Author(s): Erickson AM, Daz IB, Kwon YM, Ricke SC
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Abstract Microbiological methods have been used to determine the amino acid availability of a variety of animal feed and human food protein sources. Growth of Escherichia coli auxotrophs have been shown to yield a consistent linear response to lysine concentration when compared to chemical measures. Extent of total growth of E. coli lysine mutant (American Type Culture Collection #23812) when measured as optical density (OD) displays a lysine-dependent growth response that can be used to estimate lysine in feed proteins. However, typical OD-based growth studies for amino acid quantitation using the mutant may require anywhere from 12 to over 40 h. To develop an improved rapid method for lysine quantitation in protein sources, the plasmid pJHD500 carrying genes that encode for expression of bioluminescence and ampicillin resistance was transformed into the E. coli mutant by electroporation (set at 1.80 kV). The luminescence measured during early exponential growth allowed detectable differentiation of lysine concentration in the media in 4 h. When the luminescence method was compared with the conventional optical density lysine growth assay, the correlation coefficient was 0.989. Lysine availability valued for enzymatically hydrolyzed protein sources were comparable with availability measures using animal methods for lysine availability. This research shows potential applications for more rapid quantitative measurement of bioavailable lysine.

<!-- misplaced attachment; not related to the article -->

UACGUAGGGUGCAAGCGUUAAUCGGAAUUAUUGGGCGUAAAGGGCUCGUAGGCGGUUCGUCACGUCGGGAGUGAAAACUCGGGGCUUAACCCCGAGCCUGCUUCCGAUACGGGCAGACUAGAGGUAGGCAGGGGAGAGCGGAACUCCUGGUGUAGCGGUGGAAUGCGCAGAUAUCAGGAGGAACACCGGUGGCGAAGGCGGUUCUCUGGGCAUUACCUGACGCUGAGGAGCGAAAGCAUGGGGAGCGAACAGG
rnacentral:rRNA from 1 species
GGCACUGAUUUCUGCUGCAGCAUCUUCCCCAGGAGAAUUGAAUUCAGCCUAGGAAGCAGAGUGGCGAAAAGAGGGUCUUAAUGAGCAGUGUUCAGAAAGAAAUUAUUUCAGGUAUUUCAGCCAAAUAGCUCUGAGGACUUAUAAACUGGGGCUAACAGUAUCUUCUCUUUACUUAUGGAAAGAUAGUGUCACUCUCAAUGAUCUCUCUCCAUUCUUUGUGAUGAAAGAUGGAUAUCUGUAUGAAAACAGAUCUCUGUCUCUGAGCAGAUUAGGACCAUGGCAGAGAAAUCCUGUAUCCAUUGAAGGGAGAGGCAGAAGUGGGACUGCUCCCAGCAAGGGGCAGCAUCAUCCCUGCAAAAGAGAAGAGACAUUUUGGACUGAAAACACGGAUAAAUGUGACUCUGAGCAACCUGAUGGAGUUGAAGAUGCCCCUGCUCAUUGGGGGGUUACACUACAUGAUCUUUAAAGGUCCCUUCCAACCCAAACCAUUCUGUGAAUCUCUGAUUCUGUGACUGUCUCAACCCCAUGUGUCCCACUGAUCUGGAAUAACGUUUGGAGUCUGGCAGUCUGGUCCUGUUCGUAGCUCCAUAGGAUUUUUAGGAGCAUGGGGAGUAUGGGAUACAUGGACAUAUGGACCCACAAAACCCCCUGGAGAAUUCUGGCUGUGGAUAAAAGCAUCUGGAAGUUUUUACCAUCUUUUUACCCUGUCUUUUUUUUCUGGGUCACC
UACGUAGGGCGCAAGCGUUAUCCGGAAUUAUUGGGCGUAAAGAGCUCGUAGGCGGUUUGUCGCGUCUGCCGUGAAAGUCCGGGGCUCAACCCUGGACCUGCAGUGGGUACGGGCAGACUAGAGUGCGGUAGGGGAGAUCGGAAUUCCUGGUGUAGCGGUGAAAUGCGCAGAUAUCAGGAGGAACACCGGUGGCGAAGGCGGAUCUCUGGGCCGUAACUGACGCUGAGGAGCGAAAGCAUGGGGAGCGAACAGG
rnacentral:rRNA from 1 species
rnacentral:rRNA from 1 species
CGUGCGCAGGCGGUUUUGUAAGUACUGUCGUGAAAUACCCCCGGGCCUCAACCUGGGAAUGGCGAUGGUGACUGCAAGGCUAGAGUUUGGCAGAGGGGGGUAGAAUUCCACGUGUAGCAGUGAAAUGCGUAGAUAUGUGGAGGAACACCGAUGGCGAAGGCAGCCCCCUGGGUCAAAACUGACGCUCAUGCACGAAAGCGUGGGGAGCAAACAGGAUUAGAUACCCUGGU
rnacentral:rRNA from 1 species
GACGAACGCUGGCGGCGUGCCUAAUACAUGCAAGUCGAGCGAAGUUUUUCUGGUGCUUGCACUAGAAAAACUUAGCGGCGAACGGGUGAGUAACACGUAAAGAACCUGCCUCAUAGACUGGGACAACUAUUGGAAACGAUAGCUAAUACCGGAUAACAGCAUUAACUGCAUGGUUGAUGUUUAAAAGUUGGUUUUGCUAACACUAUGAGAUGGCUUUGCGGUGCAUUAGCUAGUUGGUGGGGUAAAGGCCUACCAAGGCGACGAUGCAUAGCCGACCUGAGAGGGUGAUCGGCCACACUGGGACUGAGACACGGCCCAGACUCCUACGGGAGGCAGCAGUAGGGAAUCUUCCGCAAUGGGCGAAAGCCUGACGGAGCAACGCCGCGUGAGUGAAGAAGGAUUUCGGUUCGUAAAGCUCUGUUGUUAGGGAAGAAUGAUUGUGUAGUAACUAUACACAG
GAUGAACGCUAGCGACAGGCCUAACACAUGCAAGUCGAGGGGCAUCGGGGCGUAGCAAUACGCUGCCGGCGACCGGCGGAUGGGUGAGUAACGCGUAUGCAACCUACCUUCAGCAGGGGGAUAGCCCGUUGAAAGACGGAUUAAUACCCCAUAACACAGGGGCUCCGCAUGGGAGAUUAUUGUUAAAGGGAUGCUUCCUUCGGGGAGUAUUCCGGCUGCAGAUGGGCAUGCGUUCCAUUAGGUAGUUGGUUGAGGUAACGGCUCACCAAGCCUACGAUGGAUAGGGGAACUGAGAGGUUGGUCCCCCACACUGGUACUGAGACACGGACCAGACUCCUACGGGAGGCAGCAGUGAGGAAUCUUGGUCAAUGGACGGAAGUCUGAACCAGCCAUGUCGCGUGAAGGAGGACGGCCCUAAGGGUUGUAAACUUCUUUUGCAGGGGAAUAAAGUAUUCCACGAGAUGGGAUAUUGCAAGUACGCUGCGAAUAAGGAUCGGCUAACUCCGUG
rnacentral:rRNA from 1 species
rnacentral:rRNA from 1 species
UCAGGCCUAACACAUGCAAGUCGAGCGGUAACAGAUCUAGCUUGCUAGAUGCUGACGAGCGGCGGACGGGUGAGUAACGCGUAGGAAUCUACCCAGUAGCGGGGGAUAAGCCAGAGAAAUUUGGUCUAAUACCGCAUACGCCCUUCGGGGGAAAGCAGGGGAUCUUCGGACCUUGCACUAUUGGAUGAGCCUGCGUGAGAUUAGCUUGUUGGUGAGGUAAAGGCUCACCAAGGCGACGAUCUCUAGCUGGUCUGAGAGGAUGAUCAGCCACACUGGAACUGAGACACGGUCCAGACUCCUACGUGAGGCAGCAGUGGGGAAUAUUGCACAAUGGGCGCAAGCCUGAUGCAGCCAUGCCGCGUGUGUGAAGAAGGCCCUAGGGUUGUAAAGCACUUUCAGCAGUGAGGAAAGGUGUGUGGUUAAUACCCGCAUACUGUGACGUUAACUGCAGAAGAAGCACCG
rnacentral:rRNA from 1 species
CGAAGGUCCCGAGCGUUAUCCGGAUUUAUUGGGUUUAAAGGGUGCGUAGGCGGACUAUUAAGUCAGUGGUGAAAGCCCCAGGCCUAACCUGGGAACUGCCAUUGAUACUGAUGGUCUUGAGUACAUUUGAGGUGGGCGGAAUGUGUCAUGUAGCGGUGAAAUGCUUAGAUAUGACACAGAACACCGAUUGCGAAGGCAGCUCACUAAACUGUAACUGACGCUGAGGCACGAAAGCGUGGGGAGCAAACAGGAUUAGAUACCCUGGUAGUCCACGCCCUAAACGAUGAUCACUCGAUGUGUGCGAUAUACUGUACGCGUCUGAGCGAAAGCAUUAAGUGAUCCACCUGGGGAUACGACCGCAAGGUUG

This article was published in J Microbiol Methods
and referenced in Journal of Probiotics & Health